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Notre Dame de Paris

| May 20, 2012 | 0 Comments

Notre Dame de Paris, one of the world’s most famous Catholic cathedrals, also sits on one of the world’s most famous French cities, Paris. With a name that means “Our Lady of Paris”, it is the center of the Catholic Archdiocese of Paris currently headed by Andre Vingt-Trois.

One of the finest examples of French Gothic architecture with its stained glass and magnificent sculptures, the construction of the cathedral started in the mid-12th century and ended almost a century after. By the order of Bishop Maurice de Sully, the Notre Dame de Paris was built to replace the more modest fourth-century Saint-Etiennes, which was deemed too small for the Parisian church’s growing role as the “Parisian church of the kings of Europe.”

In 1182, the area of the cathedral called the choir, which is usually located in the western part of the chancel between the nave and the sanctuary housing the altar, and the apse, or a semicircular recess covered with a hemispherical vault or semi-dome, was completed. Sadly, the Bishop de Sully died before the western façade was completed in 1225. The construction of the cathedral continued under the watch of Bishop de Sully’s successor, Eudes de Sully. The latter died shortly before the nave, or the central approach to the high altar vault was completed in 1208. On 1250, the Western towers and the north rose window were completed.

For the next twenty years, the transepts were remodeled in the Rayonnant style, which were focused mainly on two dimensional surfaces and the repetition of decorative motifs in different scales. This next phase in the Notre Dame de Paris’ construction was made under the hand of Jean de Chelles, a master mason and sculptor. He was succeeded by Pierre de Montreuil, a French architect, who managed to complete the cathedral’s remaining elements in 1345, almost two centuries after work on the new cathedral began.

Notre Dame de Paris is one of the most notable structures in the city of Paris, then and now. It is one of the first buildings in the world to feature a flying buttress, now mostly associated with Gothic church architecture. The purpose of this design element is to resist the lateral forces pushing a wall outwards by redirecting them to the ground.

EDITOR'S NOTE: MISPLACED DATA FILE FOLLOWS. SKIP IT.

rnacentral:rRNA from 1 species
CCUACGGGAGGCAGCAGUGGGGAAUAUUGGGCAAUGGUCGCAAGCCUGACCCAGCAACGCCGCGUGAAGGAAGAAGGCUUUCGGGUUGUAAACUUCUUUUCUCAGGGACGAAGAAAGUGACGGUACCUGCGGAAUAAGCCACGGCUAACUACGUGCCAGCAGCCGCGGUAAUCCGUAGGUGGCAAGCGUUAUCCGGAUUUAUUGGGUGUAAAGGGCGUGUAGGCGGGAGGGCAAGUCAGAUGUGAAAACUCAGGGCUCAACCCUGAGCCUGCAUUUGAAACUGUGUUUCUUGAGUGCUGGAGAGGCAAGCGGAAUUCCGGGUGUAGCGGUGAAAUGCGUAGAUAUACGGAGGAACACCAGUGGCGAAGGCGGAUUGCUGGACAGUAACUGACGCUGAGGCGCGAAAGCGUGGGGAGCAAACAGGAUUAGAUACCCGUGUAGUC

Not only was the cathedral architecturally stunning, it also houses a number of notable items. Among them is an organ with 7,800 pipes—with almost half classified as historical—111 stops, five 56-key manuals and a 32-key pedal board. The cathedral also boasts of five bells, which consists of the 13-ton bourdon bell Emmanuel in the South Tower, and four additional ones in the North Tower. The Emmanuel holds a special place in the history of Paris, since its tolling was the first to announce that the city’s freedom during the World War II was at hand during in the evening of August 24, 1944.

Aside from this joyous event, the Notre Dame de Paris also witnessed many other popular events, such as Heraclius of Caesarea calling for the Third Crusade in 1185, St. Louis putting the Crown of Thorns in the cathedral in 1239, and the crowing of England’s King Henry Vi as King of France on December 16, 1431. It is also in this cathedral where Joan d’Arc’s mother, Isabelle Romee, petitioned a papal delegation to overturn her daughter’s conviction for heresy on the on November 7, 1455.

The cathedral is also the venue of many royal weddings, including that of James V of Scotland and Madeleine of France on the New Year of 1537, that of Mary, Queen of Scots and the Dauphin Francis, Francis II of France, on April 24, 1558, and that of the Protestant Henry IV of France and Margaret of Valois on the cathedral’s parvis on August 18, 1572.

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Category: Ile-de-France

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